Judge Cornelius F. Sybert Jr.

Judge Cornelius F. Sybert Jr. of Ellicott City died.

Judge Cornelius F. Sybert Jr., a retired Howard County circuit judge whose legal career spanned nearly four decades, died Feb. 24 of heart failure while vacationing in Hilton Head, S.C.

The longtime Ellicott City resident was 86.

"Judge Sybert looked like a judge and a jurist," said Howard County Circuit Judge Lenore R. Gelfman, a longtime friend.

"He was gentlemanly, very refined and dignified," said Judge Gelfman. "He was a soft-spoken man and people felt they could try their cases before him. He had a reputation of being very kind and able to listen."

"Neal was a good natural lawyer with a lot of common sense," said retired Howard County Circuit Judge Louis A. Becker III, who had been a law partner of Judge Sybert's. "He was a practical lawyer who handled land development, zoning and business cases."

Judge Sybert was born into a legal and political family. His father, C. Ferdinand Sybert, was a Howard County state's attorney, speaker of the House of Delegates, and served four years in the state Senate. He was elected Maryland attorney general in 1950, and from 1961 until he retired in 1965, was been a member of the state Court of Appeals. For the next nine years, he practiced law with his son at Sybert & Sybert & Nippard.

Judge Sybert's mother, Elizabeth Johnson Sybert, was a homemaker.

He was born and raised in Elkridge, and after graduating in 1945 from Loyola High School, he earned a bachelor's degree in 1949 from what is now Loyola University Maryland.

He served in the Army from 1950 to 1953 and then enrolled at the University of Maryland School of Law, where he earned a degree in 1956. He was admitted to the Maryland bar that year.

From 1958 to 1962, he was assistant state's attorney for Howard County, and served as state's attorney for the county from 1962 to 1966. He was senior partner at Sybert & Sybert and Nippard from 1966 to 1983.

"We used to call him the 'Prince of Elkridge' because he had a lot of business from the town," Judge Becker recalled with a laugh. "He had been a good litigator, was good on his feet, and very personable."

Judge Sybert was senior partner at Sybert and Adams from 1983 to 1987, when Gov. William Donald Schaefer appointed him to the Howard County Circuit Court bench.

"I'm one of the last of a dying breed, the general practitioner," he told The Evening Sun at the time. "I try to handle a smattering of everything, hit all the fields."

He brought a well-rounded legal background to his role as judge because he had worked both as a prosecutor and defense attorney on criminal cases and had experience in family law and zoning and property cases.

"I'm not going to be a pro-prosecutor or pro-defense. I've been on both sides. I'm just going to make the best decision I can for each case, " he told The Evening Sun.

As a judge, he was known for giving attorneys latitude when laying out their cases and maintaining a proper decorum in his courtroom.

"He had a wonderful judicial demeanor, and he was very knowledgeable because he had been state's attorney," said Judge Becker.

Judge Sybert told The Evening Sun that whether people in his court were found guilty or innocent, he wanted them to feel as though they "had their day in court."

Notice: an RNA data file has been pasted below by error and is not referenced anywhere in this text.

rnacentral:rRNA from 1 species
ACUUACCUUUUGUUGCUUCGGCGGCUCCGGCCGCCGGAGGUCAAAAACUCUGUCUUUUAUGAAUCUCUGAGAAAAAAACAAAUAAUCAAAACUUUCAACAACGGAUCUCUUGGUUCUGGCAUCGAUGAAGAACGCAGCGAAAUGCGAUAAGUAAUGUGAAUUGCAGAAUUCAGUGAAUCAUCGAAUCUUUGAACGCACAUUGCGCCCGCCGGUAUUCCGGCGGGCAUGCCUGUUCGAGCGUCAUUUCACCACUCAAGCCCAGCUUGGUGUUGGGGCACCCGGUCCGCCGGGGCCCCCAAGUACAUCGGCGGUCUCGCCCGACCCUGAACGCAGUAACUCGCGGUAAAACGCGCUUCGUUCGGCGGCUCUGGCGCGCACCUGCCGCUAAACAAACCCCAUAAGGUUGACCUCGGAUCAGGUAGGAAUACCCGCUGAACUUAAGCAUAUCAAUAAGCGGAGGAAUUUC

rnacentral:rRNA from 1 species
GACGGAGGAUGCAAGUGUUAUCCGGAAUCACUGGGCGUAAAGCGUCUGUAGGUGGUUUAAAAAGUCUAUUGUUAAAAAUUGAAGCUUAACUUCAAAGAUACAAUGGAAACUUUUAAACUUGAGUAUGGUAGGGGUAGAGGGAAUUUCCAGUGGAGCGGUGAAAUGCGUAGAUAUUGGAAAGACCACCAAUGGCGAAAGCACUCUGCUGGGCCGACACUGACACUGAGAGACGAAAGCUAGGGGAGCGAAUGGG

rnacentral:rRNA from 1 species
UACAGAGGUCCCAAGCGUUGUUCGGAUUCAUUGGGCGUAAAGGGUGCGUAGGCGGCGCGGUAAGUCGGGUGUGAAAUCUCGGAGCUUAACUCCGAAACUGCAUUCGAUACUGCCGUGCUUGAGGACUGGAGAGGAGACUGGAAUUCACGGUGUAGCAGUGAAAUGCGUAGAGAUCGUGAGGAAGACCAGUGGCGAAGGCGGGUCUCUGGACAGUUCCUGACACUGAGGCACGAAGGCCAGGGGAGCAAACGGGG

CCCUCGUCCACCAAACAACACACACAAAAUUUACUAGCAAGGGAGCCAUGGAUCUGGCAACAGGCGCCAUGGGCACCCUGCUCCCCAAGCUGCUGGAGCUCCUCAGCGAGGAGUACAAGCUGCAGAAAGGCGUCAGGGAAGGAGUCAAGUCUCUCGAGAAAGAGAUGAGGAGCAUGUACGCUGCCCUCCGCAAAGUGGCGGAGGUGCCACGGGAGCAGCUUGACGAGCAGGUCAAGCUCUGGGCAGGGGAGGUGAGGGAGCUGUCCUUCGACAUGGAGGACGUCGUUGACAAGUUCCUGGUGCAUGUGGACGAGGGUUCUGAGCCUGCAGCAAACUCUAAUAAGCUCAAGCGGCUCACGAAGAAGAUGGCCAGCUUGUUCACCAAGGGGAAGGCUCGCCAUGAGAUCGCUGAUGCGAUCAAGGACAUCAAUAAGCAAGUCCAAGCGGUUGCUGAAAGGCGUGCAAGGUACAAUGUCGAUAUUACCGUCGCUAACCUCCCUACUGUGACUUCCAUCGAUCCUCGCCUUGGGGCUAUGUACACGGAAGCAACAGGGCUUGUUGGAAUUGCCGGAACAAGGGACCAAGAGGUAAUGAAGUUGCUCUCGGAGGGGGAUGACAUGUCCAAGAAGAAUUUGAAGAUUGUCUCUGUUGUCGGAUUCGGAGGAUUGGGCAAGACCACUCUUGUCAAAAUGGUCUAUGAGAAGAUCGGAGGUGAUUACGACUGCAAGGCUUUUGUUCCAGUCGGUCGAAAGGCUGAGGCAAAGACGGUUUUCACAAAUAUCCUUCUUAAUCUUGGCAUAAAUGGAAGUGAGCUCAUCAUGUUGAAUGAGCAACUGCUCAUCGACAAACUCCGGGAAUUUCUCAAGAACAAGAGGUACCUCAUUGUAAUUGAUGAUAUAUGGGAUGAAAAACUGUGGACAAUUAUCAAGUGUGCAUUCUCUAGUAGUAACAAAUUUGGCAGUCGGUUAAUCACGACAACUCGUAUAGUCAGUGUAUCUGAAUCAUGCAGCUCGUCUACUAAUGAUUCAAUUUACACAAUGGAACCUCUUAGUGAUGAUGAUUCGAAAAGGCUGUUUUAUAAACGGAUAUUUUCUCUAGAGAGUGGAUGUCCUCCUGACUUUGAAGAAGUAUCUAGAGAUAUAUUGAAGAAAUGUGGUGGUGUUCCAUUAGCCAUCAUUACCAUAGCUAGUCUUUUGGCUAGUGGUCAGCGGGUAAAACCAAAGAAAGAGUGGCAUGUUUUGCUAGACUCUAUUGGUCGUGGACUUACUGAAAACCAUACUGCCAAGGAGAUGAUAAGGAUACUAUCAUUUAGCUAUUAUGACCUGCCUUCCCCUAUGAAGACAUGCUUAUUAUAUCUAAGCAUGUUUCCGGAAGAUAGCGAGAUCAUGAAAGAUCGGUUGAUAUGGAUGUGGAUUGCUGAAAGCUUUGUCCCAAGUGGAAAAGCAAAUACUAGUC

At the time of his retirement in 1995, The Baltimore Sun noted that during his career, he had presided over several significant cases.

In October 1994, he dismissed most of the prosecutor's evidence against a man who was being tried on drug charges.

"His ruling lambasted Howard County police detectives , saying they arrested the man simply because they saw 'a suspicious look in his eye,' " reported The Sun.

In 1992, he threw out the Howard County Council's election redistricting plan of 1991 on procedural grounds, leading to months of "aggravated partisan debate on the council, which took months to resolve," reported The Sun.

"The decision by Circuit Court [Judge] Cornelius F. Sybert Jr. deals a sharp blow to council Democrats, who used their 3 to 2 majority to redraw district boundaries for the 1994 elections that are favorable to the Democrats," said The Washington Post at the time.

He was not fond of divorce and custody cases.

"I hate those," Judge Sybert told The Sun. "To me [the parents] are both pulling at the kids."

To arrive at a fitting resolution, he said, he spoke privately with the children and their parents.

When he announced his retirement from the bench, Judge Sybert said, "I want to slow down a little bit and relax a little bit."

He told The Sun he had one regret in life, and that was that his father had not lived to see him become a judge.

"I really try to emulate him and follow in his footsteps," he told The Sun.

He was a longtime member of the Howard County Bar Association and served as its president from 1967 to 1968.

For the last eight years, Judge Sybert and his wife, the former Patricia Ellen Terry, lived at Hearthstone at Village Crest in Ellicott City.

"We have been Ellicott City residents for 62 years," said Mrs. Sybert.

Judge Sybert enjoyed playing bridge and gardening. He was a golfer and a member of Turf Valley Country Club, Hobbit's Glen Golf Club and Cattail Creek Country Club.

He was a communicant of St. Paul's Roman Catholic Church, 3755 St. Paul St., Ellicott City, where a Mass of Christian burial will be offered at noon Saturday.

In addition to his wife, he is survived by three sons, William N. Sybert of Red Lion, Pa., David T. Sybert of Ellicott City and Robert A. Sybert of Catonsville; three daughters, Joan E. S. Jett of Lansdowne, Sally Annamarie Gessner of Pasadena and Mary Ellen Rogers of Glenwood; a brother, George Sybert Sr. of Baltimore; a sister, Suzanne M. Bedon of Guilford; 13 grandchildren; and eight great-grandchildren.

fred.rasmussen@baltsun.com

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